Indexed on: 22 Jul '14Published on: 22 Jul '14Published in: International Journal of Cancer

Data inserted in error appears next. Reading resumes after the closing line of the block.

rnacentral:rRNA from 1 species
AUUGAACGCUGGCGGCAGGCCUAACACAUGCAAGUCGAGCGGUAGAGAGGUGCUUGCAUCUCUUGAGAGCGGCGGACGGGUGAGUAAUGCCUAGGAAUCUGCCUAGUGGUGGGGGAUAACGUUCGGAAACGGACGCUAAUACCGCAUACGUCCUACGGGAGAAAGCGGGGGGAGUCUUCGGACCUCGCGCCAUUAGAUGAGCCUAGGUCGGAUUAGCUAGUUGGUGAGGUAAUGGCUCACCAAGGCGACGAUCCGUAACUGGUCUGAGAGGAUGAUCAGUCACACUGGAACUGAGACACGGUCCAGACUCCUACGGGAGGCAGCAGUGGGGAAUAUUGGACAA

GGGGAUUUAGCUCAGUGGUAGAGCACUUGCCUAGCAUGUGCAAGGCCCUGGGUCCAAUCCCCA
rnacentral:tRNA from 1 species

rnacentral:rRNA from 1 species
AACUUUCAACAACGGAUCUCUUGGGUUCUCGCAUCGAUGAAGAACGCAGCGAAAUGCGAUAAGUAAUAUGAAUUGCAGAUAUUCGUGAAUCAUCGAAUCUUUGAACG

Neutrophil/lymphocyte (NLR) and platelet/lymphocyte (PLR) ratios might represent a yet unrecognized risk factor for venous thromboembolism (VTE) in cancer out-patients receiving chemotherapy. Accordingly, this study was aimed at analyzing the significance of these novel markers in the risk prediction of a first VTE episode in a population representative of a general practice cohort. To this purpose, a mono-institutional cohort study was conducted to retrospectively analyze NLR and PLR in 810 consecutive cancer out-patients with primary or relapsing solid cancer at the start of a new chemotherapy regimen. Over a median follow-up of 9.2 months, VTE occurred in 6.7% of patients. Incidental VTE was diagnosed at time of restaging in 47% of cases. Median pre-chemotherapy NLR (p = 0.015) and PLR (p = 0.040) were significantly higher in patients with intermediate risk class who developed symptomatic VTE with a twofold increased VTE risk for both inflammation-based markers (NLR: p = 0.022; PLR: p = 0.037) and a worst 1-year VTE-free survival for patients with high NLR or PLR. However, only PLR (HR = 2.4, p = 0.027) confirmed to be an independent predictor of future VTE in patients in the intermediate risk class in multivariate analysis, together with ECOG performance status (HR = 3.4, p = 0.0002) and bevacizumab use (HR = 4.7, p = 0.012). We may, thus, conclude that PLR, but to a lesser extent NLR, could represent useful clinical predictors of VTE, especially in selected categories of patients such as those in the intermediate risk class in whom the assessment of PLR could allow a better risk stratification of VTE without additional costs to the national health systems.